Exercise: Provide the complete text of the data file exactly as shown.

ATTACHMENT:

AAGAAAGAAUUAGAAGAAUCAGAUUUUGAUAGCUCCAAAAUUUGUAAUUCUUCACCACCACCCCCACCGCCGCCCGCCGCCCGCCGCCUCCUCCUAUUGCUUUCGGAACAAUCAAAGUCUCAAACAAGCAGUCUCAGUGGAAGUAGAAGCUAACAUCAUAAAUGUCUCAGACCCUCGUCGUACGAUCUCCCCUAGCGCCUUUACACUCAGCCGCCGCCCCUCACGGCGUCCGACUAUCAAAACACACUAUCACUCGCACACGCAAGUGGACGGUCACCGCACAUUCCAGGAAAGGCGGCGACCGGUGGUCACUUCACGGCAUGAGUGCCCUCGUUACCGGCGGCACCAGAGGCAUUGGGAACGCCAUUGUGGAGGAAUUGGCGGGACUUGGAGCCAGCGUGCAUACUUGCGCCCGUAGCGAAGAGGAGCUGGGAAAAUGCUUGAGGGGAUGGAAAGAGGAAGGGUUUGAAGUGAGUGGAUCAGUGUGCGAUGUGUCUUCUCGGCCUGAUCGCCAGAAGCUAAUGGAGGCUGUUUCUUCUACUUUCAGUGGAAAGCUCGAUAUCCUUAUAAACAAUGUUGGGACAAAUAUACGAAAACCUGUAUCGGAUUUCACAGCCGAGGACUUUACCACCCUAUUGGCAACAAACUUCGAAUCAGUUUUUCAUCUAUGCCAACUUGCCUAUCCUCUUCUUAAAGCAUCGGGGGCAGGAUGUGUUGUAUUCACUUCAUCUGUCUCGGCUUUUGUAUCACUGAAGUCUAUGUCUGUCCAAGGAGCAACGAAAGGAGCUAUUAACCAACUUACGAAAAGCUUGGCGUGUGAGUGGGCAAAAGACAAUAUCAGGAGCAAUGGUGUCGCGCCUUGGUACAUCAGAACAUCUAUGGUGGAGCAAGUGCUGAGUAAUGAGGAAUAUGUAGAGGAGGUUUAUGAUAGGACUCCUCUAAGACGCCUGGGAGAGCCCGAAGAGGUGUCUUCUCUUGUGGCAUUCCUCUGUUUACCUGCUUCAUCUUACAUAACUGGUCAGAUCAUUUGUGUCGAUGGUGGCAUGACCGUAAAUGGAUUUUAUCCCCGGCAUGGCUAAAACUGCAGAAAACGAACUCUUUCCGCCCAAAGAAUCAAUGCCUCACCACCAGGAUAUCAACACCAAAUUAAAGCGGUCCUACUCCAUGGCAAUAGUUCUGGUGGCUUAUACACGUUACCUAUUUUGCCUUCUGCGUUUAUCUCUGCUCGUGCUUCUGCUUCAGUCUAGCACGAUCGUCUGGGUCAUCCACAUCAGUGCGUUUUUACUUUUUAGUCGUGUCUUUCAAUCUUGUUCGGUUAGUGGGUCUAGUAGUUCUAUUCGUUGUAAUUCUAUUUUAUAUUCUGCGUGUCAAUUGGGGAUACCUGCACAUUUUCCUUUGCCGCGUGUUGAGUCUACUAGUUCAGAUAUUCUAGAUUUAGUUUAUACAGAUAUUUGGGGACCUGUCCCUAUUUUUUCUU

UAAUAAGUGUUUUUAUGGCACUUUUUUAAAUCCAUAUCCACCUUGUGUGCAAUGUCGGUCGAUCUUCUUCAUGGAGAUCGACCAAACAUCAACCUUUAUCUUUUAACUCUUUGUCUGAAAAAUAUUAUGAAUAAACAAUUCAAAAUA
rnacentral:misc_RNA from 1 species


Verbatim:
AAGAAAGAAUUAGAAGAAUCAGAUUUUGAUAGCUCCAAAAUUUGUAAUUCUUCACCACCACCCCCACCGCCGCCCGCCGCCCGCCGCCUCCUCCUAUUGCUUUCGGAACAAUCAAAGUCUCAAACAAGCAGUCUCAGUGGAAGUAGAAGCUAACAUCAUAAAUGUCUCAGACCCUCGUCGUACGAUCUCCCCUAGCGCCUUUACACUCAGCCGCCGCCCCUCACGGCGUCCGACUAUCAAAACACACUAUCACUCGCACACGCAAGUGGACGGUCACCGCACAUUCCAGGAAAGGCGGCGACCGGUGGUCACUUCACGGCAUGAGUGCCCUCGUUACCGGCGGCACCAGAGGCAUUGGGAACGCCAUUGUGGAGGAAUUGGCGGGACUUGGAGCCAGCGUGCAUACUUGCGCCCGUAGCGAAGAGGAGCUGGGAAAAUGCUUGAGGGGAUGGAAAGAGGAAGGGUUUGAAGUGAGUGGAUCAGUGUGCGAUGUGUCUUCUCGGCCUGAUCGCCAGAAGCUAAUGGAGGCUGUUUCUUCUACUUUCAGUGGAAAGCUCGAUAUCCUUAUAAACAAUGUUGGGACAAAUAUACGAAAACCUGUAUCGGAUUUCACAGCCGAGGACUUUACCACCCUAUUGGCAACAAACUUCGAAUCAGUUUUUCAUCUAUGCCAACUUGCCUAUCCUCUUCUUAAAGCAUCGGGGGCAGGAUGUGUUGUAUUCACUUCAUCUGUCUCGGCUUUUGUAUCACUGAAGUCUAUGUCUGUCCAAGGAGCAACGAAAGGAGCUAUUAACCAACUUACGAAAAGCUUGGCGUGUGAGUGGGCAAAAGACAAUAUCAGGAGCAAUGGUGUCGCGCCUUGGUACAUCAGAACAUCUAUGGUGGAGCAAGUGCUGAGUAAUGAGGAAUAUGUAGAGGAGGUUUAUGAUAGGACUCCUCUAAGACGCCUGGGAGAGCCCGAAGAGGUGUCUUCUCUUGUGGCAUUCCUCUGUUUACCUGCUUCAUCUUACAUAACUGGUCAGAUCAUUUGUGUCGAUGGUGGCAUGACCGUAAAUGGAUUUUAUCCCCGGCAUGGCUAAAACUGCAGAAAACGAACUCUUUCCGCCCAAAGAAUCAAUGCCUCACCACCAGGAUAUCAACACCAAAUUAAAGCGGUCCUACUCCAUGGCAAUAGUUCUGGUGGCUUAUACACGUUACCUAUUUUGCCUUCUGCGUUUAUCUCUGCUCGUGCUUCUGCUUCAGUCUAGCACGAUCGUCUGGGUCAUCCACAUCAGUGCGUUUUUACUUUUUAGUCGUGUCUUUCAAUCUUGUUCGGUUAGUGGGUCUAGUAGUUCUAUUCGUUGUAAUUCUAUUUUAUAUUCUGCGUGUCAAUUGGGGAUACCUGCACAUUUUCCUUUGCCGCGUGUUGAGUCUACUAGUUCAGAUAUUCUAGAUUUAGUUUAUACAGAUAUUUGGGGACCUGUCCCUAUUUUUUCUU

UAAUAAGUGUUUUUAUGGCACUUUUUUAAAUCCAUAUCCACCUUGUGUGCAAUGUCGGUCGAUCUUCUUCAUGGAGAUCGACCAAACAUCAACCUUUAUCUUUUAACUCUUUGUCUGAAAAAUAUUAUGAAUAAACAAUUCAAAAUA
rnacentral:misc_RNA from 1 species